Dar es Salaam. The government has directed that as of January next year, only locally registered oil marketing companies will be allowed to bid for the importation of petroleum products in the country.
The Petroleum Bulk Procurement Agency (PBPA) acting executive director, Mr Michael Mjinja, said the agency has reviewed the bulk oil import rules to allow participation of more local players.
The new rules aim at breaking dominance of the multi-billion shillings business by at least four companies that had deployed their muscle to elbow out smaller competitors.
Mr Mjinja said it will now be mandatory for all the foreign oil companies to register first and maintain their presence locally to qualify for the tenders.
The bulk oil import business has been dominated by companies such as Sahara Group of Nigeria and Augusta Energy of South Africa. Oryx Tanzania Limited, Gapco (K) Limited and ENOC Africa, a Tanzanian registered new entrant have also participated to a smaller scale.
Sahara Group Head of corporate communications Bethel Obioma told The Citizen on phone that the decision won’t affect the company as they are already registered locally as Sahara Tanzania Limited.
According to him, the decision to tender for specific products and to allow smaller vessels rather than consolidated volumes was not a bad thing as long as it will be in the best interest of the country because, at the end of the day, it is all about the country’s interests.
The government has in the past touted the idea of starting a new state-owned oil import company as the country eyes being a major player in the gas and oil business. The state-owned company would be run jointly by TPDC and private investors even though the idea is yet to take off.
Mr Mjinja was speaking yesterday in Dar es Salaam during a consultative meeting with bankers who are key players in the oil import chain.
The meeting was meant to expound to the banks on the new system which would be the first major review of the regime since the country introduced the bulk oil imports.
According to Mr Mjinja, from January, companies will be allowed to tender for single products rather than the whole range of oil products in one swoop.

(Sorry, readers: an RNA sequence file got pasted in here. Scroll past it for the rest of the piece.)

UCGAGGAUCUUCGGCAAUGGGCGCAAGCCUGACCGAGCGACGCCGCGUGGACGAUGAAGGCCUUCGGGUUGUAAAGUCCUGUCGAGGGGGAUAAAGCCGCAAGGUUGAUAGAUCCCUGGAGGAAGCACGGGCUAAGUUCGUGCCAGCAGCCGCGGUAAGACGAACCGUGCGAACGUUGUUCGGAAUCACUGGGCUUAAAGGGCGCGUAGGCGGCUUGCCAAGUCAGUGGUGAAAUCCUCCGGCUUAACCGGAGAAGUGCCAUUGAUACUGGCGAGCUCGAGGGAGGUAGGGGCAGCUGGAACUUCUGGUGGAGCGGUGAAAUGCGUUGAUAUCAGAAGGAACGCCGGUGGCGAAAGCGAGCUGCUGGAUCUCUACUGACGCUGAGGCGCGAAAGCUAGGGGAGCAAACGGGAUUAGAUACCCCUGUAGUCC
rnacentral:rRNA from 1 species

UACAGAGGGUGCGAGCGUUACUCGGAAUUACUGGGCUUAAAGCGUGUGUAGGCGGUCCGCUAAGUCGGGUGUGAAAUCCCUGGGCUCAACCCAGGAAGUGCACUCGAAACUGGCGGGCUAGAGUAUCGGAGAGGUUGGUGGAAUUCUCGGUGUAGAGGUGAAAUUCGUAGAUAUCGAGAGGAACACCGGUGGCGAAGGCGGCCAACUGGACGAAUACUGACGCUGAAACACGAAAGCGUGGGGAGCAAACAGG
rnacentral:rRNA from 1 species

The imports would also be broken into smaller monthly units as opposed to the current arrangement in which the company that wins the tender ships in quantities enough to cover a minimum of three months.
The old bulk system was seen as disadvantaging low capacity oil companies that did not raise the requisite premiums to cover the costs for imports, insurance cover and other related shipping costs.
The smaller players who were locked out of the quarterly tenders will now be able to compete for lower quantities to be shipped in monthly. They will also bid to bring in separate quantities and products.
“The new system will be different to the existing practice where tenders are floated to meet quarterly requirements,” he said, reiterating that since 2012 when the bulk procurement started, local firms have been locked out as it was expensive for them to import as stipulated.
“This procedure didn’t attract many competitors and despite expecting at least 36 companies to participate in the bidding process, only 4 to 6 companies were participating in the procedure because the process was very expensive,” he said.
Mjinja further noted that the new system would also allow the government to earn tax as required. He said foreign registered firms often exploited loopholes to avoid taxes.
The government introduced the bulk procurement system (BPS) in January 2012, establishing a database on consumption trends in a bid to get the best price on the world market and guarantee.
Furthermore, it came into practice to help control the import bill, reduce retail prices and fight off oil cartels and smuggling.
Mr Mjinja named the the products imported in the BPS including diesel, petrol and Jet AI. Tanzania consumes about 1.54 million cubic metres per annum of petroleum products.
Explaining the new import regime, he said that two vessels of diesel will be imported at 80,000 metric tonnes to 100,000 metric tonnes while 3 to 4 vessels of petrol will be also expected to bring in between 36,000 and 38,000 metric tonnes, while one vessel of Jet fuel will import between 23,000 and 28,000 metric tonnes.
He said the new system will see demurrage cost decrease from $45-$50 per metric ton. to $1-$2 per metric tonne. The companies will, however, be required to submit bid bonds of between $100,000 and $200,000.